How to Age Wood

Four Methods:Aging Wood Using Steel Wool and VinegarAging Wood Using Stains and PaintsCreating Crackles in Your WoodDistressing Wood

Aged wood is a beautiful way to add character to your home or garden. Don’t have time for that rustic patina to develop naturally? Then try one of these methods to create the appearance of aged wood without waiting.

Method 1
Aging Wood Using Steel Wool and Vinegar

  1. Image titled Age Wood Step 1 preview
    Know what happens when steel wool and vinegar interact. Placing steel wool in vinegar will, over time, dissolve the wool. This combines with the vinegar to create an aging stain.
  2. Image titled Age Wood Step 2 preview
    Create the steel wool-vinegar solution. Fill a glass jar with vinegar, and place a fist-sized chunk of steel wool inside it. Let it settle for a minimum of one day, but up to five days for a darker solution.
  3. Image titled Age Wood Step 3 preview
    Prepare your wood. Sand it to remove any stain or coating which might prevent your aging solution from adhering properly.
  4. Image titled Age Wood Step 4 preview
    Make a tea stain. Boil black tea to brush onto the wood prior to using your steel wool solution. Tea contains tannic acid, which reacts with the vinegar stain and darkens it. The tea will not add any color by itself, it will only make the wood appear wet.
  5. Image titled Age Wood Step 5 preview
    Apply the steel wool-vinegar solution. Use a paintbrush to give a thorough coat to the wood. You should see an immediate change in color, which will dry after a few hours. Only one coat is necessary to give the “aged” look, but multiple coats can be applied to darken the wood.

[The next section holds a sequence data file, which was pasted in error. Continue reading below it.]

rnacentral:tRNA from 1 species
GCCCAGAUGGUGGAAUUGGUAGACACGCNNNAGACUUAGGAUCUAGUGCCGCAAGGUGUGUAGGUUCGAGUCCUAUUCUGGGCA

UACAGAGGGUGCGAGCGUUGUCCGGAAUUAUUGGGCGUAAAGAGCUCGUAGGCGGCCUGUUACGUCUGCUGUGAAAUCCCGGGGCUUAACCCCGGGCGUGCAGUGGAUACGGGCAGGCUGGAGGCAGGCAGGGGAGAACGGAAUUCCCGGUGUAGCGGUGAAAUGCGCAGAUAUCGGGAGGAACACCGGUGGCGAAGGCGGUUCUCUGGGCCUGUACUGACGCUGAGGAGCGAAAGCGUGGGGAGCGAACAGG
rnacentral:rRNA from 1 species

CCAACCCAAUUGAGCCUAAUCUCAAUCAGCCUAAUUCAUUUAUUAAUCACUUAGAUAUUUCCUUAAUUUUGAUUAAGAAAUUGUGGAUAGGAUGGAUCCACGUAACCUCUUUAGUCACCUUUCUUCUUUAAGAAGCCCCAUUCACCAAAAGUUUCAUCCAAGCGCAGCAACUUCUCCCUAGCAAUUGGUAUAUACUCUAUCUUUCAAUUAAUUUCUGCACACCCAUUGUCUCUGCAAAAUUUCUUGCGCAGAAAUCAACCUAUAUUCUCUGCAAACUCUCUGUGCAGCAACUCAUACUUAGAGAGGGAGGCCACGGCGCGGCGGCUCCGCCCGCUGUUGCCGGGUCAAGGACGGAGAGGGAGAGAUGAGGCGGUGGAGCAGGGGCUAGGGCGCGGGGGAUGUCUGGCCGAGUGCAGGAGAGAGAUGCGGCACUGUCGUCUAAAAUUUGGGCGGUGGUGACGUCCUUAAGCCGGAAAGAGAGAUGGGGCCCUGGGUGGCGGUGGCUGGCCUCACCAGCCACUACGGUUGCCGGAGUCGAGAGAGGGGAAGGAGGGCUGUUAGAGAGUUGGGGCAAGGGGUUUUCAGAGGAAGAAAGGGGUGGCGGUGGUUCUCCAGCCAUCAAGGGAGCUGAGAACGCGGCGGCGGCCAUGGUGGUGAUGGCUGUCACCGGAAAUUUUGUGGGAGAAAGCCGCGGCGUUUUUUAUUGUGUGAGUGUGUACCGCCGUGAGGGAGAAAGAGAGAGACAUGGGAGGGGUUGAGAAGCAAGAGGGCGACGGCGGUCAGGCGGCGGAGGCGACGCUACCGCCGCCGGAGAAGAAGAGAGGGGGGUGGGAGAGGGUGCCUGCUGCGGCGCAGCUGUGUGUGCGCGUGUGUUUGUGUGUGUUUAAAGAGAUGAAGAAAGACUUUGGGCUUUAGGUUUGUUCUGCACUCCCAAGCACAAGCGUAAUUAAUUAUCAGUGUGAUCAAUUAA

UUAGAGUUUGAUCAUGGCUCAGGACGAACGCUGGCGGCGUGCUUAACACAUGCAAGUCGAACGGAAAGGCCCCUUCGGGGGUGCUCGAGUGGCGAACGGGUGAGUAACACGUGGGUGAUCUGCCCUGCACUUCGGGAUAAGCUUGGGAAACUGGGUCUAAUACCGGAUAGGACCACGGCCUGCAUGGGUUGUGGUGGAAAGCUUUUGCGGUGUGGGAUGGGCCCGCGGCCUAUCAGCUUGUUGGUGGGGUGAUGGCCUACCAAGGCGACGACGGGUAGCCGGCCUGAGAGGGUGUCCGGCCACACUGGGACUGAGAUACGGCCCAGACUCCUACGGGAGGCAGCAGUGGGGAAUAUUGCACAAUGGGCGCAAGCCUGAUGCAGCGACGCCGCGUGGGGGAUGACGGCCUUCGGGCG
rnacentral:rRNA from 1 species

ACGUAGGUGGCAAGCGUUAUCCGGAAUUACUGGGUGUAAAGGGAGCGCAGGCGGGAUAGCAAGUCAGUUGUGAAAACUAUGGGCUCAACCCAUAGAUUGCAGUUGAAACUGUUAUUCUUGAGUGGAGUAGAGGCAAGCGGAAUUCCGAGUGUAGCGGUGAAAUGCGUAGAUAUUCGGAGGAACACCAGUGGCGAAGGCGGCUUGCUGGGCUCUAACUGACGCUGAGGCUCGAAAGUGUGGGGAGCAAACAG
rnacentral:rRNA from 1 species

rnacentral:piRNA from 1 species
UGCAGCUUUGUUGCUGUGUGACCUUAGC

6. Image titled Age Wood Step 6 preview
    Finish the wood. Allow time to dry, and then use a damp rag and cold water to remove any residue from the steel wool. This can be the finished product, but if desired, a wax coating can be applied to preserve the effect.[1]

Method 2
Aging Wood Using Stains and Paints

  1. Image titled Age Wood Step 7 preview
    Apply a coat of sun bleach stain to your wood. Allow time to set and then wipe off the excess. This will remove any previous color or stain from the wood, and enhance the natural grain and texture.
  2. Image titled Age Wood Step 8 preview
    Add a layer of early American stain. This particular stain gives the appearance and color of wood that has been left for many years. If desired, this can be the final step.
  3. Image titled Age Wood Step 9 preview
    Make a rustic stain. Combine your own unique combination of a color glaze, antiquing glaze, and mixing glaze. Be sure to use all three glazes from the same brand, so as to insure proper color mixing.
  4. Image titled Age Wood Step 10 preview
    Apply the rustic stain. Use a paintbrush to thoroughly coat the wood with the stain. There are multiple methods to do this:
    • Apply a single coat for a lighter look. This also can give the appearance of slightly newer wood.
    • Add multiple coats of stain to create a more worn look. This will also darken the wood, giving it a richer color.